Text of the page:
Greenland ice has melted beyond recovery, damage done is irreversible, study finds

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Greenland ice has thawed beyond recovery, damage done is irreversible, study finds - We The World Magazine

A major study that has been ongoing for the last 35-years – through 2018 – found glaciers in Greenland has shrunken to a point of no return, and the ice is likely to melt even as the annual snowfall continues. The point of return has been crossed.

Ice sheets in Greenland have been under the threat of climate change at a rate twice the normal world for the last 30 years, thanks to a process that aggravates the bane called Arctic Amplification.

Arctic Amplification, a theory forwarded by a Swiss scientists redirects to the average rise of temperature by 0.6°C in the mid-20th-Century, which has since then been rampant.

The catch is, this temperature-rise does not affect equally everywhere, and mercury levels in the Arctic rise twice the rise of mid-latitudes in this phenomenon, according to NASA.

This study comes after last month scientists recorded the worst July in since 1979 (from when satellite data was kept) where they recorded least ice cover on the Arctic ocean.

The study

In the study, scientists analyzed data of 234 glaciers in Greenland, for 35 years, throughout 2018, and found the thawing rate of the Greenland ice-sheets has shot up beyond a point that cannot be compensated by regular snowfall, the new research suggests.

Studying the satellite data of the glaciers, the researchers noted, before 2000, there was a 50% chance to turns the damage game and regain the ice. But chances have since been declining.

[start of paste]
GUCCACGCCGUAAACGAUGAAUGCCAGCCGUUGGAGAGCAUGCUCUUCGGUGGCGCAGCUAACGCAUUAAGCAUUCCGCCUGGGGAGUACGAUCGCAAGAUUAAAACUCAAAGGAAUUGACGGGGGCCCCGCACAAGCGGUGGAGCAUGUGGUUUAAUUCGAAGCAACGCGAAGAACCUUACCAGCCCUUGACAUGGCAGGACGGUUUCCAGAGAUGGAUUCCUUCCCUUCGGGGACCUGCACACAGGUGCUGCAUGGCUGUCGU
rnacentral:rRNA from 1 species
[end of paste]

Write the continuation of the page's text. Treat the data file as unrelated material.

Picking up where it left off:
The summertime melting of the ice in the region continues to melt at a level beyond the scope of annual snowfall to reverse the change.

The study has been published in the Nature Communications Earth & Environment journal on Thursday, Reuters reports.

“Greenland is going to be the canary in the coal mine, and the canary is already pretty much dead at this point,”

– glaciologist Ian Howat at Ohio State University said, who is a part of the study.

Reuters noted, Greenland’s arctic thaw has already contributed to the global rise in sea-level (one millimeter on an average per annum), and if all the ice melts, the sea level will rise by 6 meters, potential enough to swamp many coastal regions in the world.

Greenland ice has melted beyond recovery, damage done is irreversible, study finds (Photo by Tina Rolf on Unsplash)

Scientists involved in the study found, given the current hemorrhage caused to the region, Greenland’s ice sheets will gain mass only once in 100 years – a grim indicator to the irreversibility of nature when the threshold of damage is crossed.

According to Michalea King, the lead author of the study and researcher at Ohio State University, the melting ice of Greenland releases more than 280 billion metric tons of water into the ocean each year, CNN reports. This is a significant drip of freshwater.

Forty percent of the US population resides in coastal regions like Florida, which also happens to be some of the most vulnerable areas from the rising sea-level, the finding of the study reiterates.

Let us persist, even if we may not succeed

Despite all the damage done, glaciologist Twila Moon, who was not involved in the study, insists stopping climate change is only beneficial.

“When we think about climate action, we’re not talking about building back the Greenland ice sheet, she told Reuters.

It means how quickly we realize the bane of climate change is coming for us in our communities, infrastructures, homes and so on, Moon said.

A separate study published this week reinforced that all the ice covers in the Arctic ocean will be no more by 2035 — around the time today’s toddlers will graduate from high school.

“This is pointing to something we know is happening very quickly, and now we know we have to be ready for it [sooner than we might have thought],” Maria Vittoria Guarino said, who’s a climate scientist at the British Antarctic Survey and the lead author of the study.

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